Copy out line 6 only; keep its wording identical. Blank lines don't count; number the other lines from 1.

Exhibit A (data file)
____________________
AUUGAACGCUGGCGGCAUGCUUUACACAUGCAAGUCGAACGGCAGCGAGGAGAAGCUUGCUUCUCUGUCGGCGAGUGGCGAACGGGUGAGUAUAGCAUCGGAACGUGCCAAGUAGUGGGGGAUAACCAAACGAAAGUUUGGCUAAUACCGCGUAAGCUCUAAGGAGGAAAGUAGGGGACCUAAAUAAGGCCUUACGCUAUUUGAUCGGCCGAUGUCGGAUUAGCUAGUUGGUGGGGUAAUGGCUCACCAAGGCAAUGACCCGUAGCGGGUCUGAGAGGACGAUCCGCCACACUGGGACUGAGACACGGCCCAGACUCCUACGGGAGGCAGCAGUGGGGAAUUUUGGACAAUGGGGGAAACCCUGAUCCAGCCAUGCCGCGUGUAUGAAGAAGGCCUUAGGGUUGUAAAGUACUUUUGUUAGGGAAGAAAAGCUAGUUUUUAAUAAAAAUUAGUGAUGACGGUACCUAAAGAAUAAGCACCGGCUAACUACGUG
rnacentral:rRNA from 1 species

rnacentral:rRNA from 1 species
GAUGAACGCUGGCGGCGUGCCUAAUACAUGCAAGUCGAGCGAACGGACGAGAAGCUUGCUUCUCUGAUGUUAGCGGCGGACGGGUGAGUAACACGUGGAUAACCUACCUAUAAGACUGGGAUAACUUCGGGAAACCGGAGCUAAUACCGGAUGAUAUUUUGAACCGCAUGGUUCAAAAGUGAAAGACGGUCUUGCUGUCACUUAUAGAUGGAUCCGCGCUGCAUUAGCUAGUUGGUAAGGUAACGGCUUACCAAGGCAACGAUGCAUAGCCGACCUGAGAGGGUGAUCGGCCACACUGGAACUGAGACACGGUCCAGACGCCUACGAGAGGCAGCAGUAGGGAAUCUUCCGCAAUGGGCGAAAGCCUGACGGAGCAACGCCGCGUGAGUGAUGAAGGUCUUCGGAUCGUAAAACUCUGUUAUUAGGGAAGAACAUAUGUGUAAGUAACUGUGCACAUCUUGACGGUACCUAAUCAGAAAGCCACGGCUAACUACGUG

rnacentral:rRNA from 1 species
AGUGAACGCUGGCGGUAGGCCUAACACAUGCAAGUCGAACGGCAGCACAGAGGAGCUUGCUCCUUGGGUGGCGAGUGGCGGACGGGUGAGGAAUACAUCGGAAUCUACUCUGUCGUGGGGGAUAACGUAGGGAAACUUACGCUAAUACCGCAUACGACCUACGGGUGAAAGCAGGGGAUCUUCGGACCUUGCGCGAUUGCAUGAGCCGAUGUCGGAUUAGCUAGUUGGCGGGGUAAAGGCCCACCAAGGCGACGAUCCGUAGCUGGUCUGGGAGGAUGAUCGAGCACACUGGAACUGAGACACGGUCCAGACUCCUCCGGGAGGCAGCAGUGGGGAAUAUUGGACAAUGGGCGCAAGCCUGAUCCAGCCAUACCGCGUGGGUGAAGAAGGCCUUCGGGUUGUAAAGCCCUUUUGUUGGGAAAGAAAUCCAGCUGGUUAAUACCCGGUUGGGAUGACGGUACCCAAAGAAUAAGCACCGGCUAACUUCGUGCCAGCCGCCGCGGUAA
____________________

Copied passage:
AGUGAACGCUGGCGGUAGGCCUAACACAUGCAAGUCGAACGGCAGCACAGAGGAGCUUGCUCCUUGGGUGGCGAGUGGCGGACGGGUGAGGAAUACAUCGGAAUCUACUCUGUCGUGGGGGAUAACGUAGGGAAACUUACGCUAAUACCGCAUACGACCUACGGGUGAAAGCAGGGGAUCUUCGGACCUUGCGCGAUUGCAUGAGCCGAUGUCGGAUUAGCUAGUUGGCGGGGUAAAGGCCCACCAAGGCGACGAUCCGUAGCUGGUCUGGGAGGAUGAUCGAGCACACUGGAACUGAGACACGGUCCAGACUCCUCCGGGAGGCAGCAGUGGGGAAUAUUGGACAAUGGGCGCAAGCCUGAUCCAGCCAUACCGCGUGGGUGAAGAAGGCCUUCGGGUUGUAAAGCCCUUUUGUUGGGAAAGAAAUCCAGCUGGUUAAUACCCGGUUGGGAUGACGGUACCCAAAGAAUAAGCACCGGCUAACUUCGUGCCAGCCGCCGCGGUAA